The reader gets another instance of the narrator’s loss of or inability to create meaning when he meets and converses with Jenna, the girl from Ilgauskas’ class. Immediately the narrator tests her ability to make meaning when he says that his name is Lars Magnus. And just as quickly she casts aside his attempt to control information, in which case he identifies himself in the story for the first and only time: “It’s Robby.” Jenna makes it known that she has seen Robby around campus “working out in the fitness center.” Yet, Robby doesn’t seem to care much that she has been spying on him in such a vulnerable state; he only asks, “Is that what you do?” But what really intrigues him is that Jenna has seen Ilgauskas at the local diner. Robby never responds to the conjecture-free bits of information she provides to him about herself: she’s quitting college to move to Idaho, maybe, because she was unhappy. Making meaning regarding Jenna’s personal life is a non-issue for Robby. He cares more about the unknown.

As the reader approaches the story’s final parts Robby begins to spin precariously out of control. He gains then quickly loses touch with the girl. He disagrees with, then gets into a physical fight with Todd, culminating in a poetic scene that freezes just like the snow around them. Finally, the reader realizes that Robby never experiences true corroboration to pinpoint the identity of the coated man, nor does he look for it, yet the interesting fact to take note of is that the narrator is left alone, fearful that he must make meaning for the confusing and anxiety inducing world in which he finds himself. The dialogue ends, with his friend, with the professor, and with the female classmate, and poignantly, no character in the story ever converse with the man in the green coat. Dialogue, therefore, is stifled. But what does this mean? We see multiple forms of dialogue in the story, some open ended, like Robby and Todd’s. Other dialogue is monological, like that of Ilgauskas. We encounter dialogue that is started and abruptly stopped in the instance of Robby’s first and only meeting with Jenna, but in each of these instances we see the true creation of meaning and transfer of information being thwarted. Bakhtin notes: “Truth is not born nor is it to be found inside the head of an individual person, it is born between people collectively searching for truth, in the process of their dialogic interaction” (PDP 110).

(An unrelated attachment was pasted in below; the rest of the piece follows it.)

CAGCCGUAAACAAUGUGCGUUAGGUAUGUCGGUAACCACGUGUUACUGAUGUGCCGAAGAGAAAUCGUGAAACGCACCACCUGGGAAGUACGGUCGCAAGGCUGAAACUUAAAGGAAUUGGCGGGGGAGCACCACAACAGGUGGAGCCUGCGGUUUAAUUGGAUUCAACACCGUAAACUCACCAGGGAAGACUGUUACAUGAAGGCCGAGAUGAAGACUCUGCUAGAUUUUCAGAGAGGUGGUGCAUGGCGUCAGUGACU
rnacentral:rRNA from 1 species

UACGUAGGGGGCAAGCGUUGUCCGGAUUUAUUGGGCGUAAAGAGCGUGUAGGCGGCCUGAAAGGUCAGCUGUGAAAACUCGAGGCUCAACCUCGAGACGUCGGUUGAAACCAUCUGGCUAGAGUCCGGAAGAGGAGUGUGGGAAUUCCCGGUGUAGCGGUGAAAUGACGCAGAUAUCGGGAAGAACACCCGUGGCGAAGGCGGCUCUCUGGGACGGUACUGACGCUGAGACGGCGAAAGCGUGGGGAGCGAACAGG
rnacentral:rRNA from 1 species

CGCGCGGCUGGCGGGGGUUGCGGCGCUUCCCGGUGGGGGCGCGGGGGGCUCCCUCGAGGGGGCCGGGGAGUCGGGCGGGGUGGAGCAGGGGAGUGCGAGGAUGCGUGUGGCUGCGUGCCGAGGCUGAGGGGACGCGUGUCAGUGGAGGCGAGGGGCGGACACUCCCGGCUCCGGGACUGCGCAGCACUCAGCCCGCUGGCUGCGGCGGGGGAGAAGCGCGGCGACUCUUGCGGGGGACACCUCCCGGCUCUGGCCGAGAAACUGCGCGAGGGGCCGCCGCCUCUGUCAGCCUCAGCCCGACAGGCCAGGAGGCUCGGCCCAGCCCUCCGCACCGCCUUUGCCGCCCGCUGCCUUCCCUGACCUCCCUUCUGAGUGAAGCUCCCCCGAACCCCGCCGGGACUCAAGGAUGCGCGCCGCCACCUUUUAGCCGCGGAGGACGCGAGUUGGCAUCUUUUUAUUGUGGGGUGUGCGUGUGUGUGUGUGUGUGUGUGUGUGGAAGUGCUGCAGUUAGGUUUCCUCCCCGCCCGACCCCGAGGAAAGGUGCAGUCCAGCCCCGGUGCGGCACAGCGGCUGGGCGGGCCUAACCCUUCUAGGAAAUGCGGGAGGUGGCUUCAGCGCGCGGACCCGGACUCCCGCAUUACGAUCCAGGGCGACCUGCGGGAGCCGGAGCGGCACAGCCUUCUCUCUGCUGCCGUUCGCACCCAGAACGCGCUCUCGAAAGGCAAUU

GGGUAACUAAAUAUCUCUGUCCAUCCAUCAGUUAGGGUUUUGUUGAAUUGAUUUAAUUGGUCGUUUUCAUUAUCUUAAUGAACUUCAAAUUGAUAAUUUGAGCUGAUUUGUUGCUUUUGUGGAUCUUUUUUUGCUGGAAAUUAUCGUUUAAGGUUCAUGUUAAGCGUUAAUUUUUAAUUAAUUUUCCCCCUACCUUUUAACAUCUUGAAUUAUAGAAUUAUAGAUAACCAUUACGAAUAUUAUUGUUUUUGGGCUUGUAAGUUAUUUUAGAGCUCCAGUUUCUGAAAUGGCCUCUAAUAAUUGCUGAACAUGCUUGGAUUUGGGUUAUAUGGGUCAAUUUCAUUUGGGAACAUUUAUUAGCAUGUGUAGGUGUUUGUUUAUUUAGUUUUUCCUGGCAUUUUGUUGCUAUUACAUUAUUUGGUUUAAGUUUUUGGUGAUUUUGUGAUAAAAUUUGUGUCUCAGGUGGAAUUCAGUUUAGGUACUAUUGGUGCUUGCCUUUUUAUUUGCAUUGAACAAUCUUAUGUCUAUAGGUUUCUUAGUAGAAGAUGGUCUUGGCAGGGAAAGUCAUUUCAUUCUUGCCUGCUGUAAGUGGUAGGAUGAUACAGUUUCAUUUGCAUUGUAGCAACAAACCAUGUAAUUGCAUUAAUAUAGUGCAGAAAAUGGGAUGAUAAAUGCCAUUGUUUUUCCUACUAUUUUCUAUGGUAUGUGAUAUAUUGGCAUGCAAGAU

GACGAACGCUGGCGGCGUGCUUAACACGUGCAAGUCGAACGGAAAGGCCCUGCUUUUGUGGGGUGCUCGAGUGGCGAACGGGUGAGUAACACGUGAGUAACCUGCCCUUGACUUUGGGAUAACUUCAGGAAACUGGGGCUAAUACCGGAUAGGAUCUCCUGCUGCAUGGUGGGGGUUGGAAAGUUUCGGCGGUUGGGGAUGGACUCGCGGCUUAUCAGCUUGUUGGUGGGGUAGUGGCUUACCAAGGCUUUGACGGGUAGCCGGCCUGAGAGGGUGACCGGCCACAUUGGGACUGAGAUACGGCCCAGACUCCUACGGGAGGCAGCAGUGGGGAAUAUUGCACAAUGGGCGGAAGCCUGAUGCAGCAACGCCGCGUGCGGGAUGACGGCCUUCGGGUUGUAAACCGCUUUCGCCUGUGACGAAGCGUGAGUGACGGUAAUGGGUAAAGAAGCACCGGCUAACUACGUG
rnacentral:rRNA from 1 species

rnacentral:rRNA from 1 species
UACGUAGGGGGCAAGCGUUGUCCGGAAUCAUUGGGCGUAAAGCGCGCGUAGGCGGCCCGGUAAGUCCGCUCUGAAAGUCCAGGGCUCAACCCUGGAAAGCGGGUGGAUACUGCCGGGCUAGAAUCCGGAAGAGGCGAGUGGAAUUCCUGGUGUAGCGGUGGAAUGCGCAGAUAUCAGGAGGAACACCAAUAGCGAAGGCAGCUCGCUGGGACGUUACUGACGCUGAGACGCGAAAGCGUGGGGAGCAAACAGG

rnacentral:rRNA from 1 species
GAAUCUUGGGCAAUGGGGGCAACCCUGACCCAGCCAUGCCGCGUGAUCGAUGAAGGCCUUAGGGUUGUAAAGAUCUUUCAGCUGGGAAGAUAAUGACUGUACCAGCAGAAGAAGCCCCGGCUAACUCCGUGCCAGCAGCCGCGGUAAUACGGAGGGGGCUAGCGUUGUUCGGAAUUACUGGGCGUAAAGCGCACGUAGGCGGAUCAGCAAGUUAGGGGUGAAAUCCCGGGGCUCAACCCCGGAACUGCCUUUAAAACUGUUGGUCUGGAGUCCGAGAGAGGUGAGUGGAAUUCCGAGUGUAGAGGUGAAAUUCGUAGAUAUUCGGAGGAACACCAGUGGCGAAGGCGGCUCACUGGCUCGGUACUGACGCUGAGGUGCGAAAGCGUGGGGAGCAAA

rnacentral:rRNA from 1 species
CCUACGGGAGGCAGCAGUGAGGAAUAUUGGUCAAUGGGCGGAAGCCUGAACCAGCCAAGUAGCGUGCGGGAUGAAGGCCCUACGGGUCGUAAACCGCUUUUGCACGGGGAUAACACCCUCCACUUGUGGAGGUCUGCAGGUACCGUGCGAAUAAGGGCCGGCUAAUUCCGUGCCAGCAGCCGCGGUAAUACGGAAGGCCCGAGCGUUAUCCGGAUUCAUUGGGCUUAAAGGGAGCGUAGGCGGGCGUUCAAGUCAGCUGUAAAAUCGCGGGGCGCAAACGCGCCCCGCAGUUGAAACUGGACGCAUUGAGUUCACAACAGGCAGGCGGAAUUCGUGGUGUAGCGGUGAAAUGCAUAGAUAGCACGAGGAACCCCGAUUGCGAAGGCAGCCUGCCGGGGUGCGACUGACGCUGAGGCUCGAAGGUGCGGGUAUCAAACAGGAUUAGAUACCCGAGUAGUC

Yes, Todd and Robby converse with each other, but the information they compile is almost entirely speculative, and the end result of their conversing is the break in their friendship. For Ilgauskas and his class, “information” is received, but at no time are his students, in this case Robby and Todd, able to query the professor to get clarifying information; Ilgauskas imparts his theories using a monological method. When Jenna wishes to dialog with Robby about quitting school and feeling unhappy, Robby breaks off the conversation by staring at her. For each instance the characters are wishing to handle the chaos they experience, and this chaos remains for each at the story’s open ending, stronger than before.

This entry was posted in Bakhtin, Critical Theory, Literature, Post Modernism.